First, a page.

Degradation of Dissolved Organic Matter in Humic Waters by Bacteria

  • Lars J. Tranvik
Part of the Ecological Studies book series (ECOLSTUD, volume 133)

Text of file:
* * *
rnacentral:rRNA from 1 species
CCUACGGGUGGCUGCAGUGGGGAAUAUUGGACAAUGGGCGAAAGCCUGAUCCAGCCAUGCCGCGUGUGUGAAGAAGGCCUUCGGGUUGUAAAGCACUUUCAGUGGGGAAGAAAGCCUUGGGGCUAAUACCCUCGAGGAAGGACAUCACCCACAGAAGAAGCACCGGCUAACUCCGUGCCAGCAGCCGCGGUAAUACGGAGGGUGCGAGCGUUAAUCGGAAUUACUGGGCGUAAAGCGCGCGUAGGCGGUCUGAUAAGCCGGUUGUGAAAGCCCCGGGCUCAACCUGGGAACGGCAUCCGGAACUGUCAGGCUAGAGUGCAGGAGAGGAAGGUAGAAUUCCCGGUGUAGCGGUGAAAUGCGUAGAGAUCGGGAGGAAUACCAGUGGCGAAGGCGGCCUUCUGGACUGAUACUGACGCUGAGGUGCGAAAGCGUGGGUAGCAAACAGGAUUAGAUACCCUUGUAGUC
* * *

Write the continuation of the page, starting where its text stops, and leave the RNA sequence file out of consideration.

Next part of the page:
The standing stock of dissolved organic matter (DOM) in surface waters depends on import, washout, indigenous primary production and processes of internal loss, including abiotic mineralization (particularly photooxidation), microbial mineralization and flocculation followed by sedimentation. The DOM in such waters is a complex mixture of different compounds. Some of these, such as free and combined amino acids and carbohydrates, have in many cases been identified and quantified. Although the bulk of the DOM has not been described in detail, a major constituent of it is generally humic matter. The composition of the fraction of the DOM that is utilized and mineralized by bacteria, however, is poorly known. This chapter concerns both the importance of microbial utilization for the dynamics of DOM, and the importance of recalcitrant DOM as a substrate for microbial growth in humic waters. The impact of such factors as flocculation and photochemical processes upon the microbial degradation will also be discussed. The further consequences which the production of bacterial biomass can have on the structure and function of the ecosystem through the consumption of DOM will be considered as well, but is elucidated in greater detail in Chapter 11.


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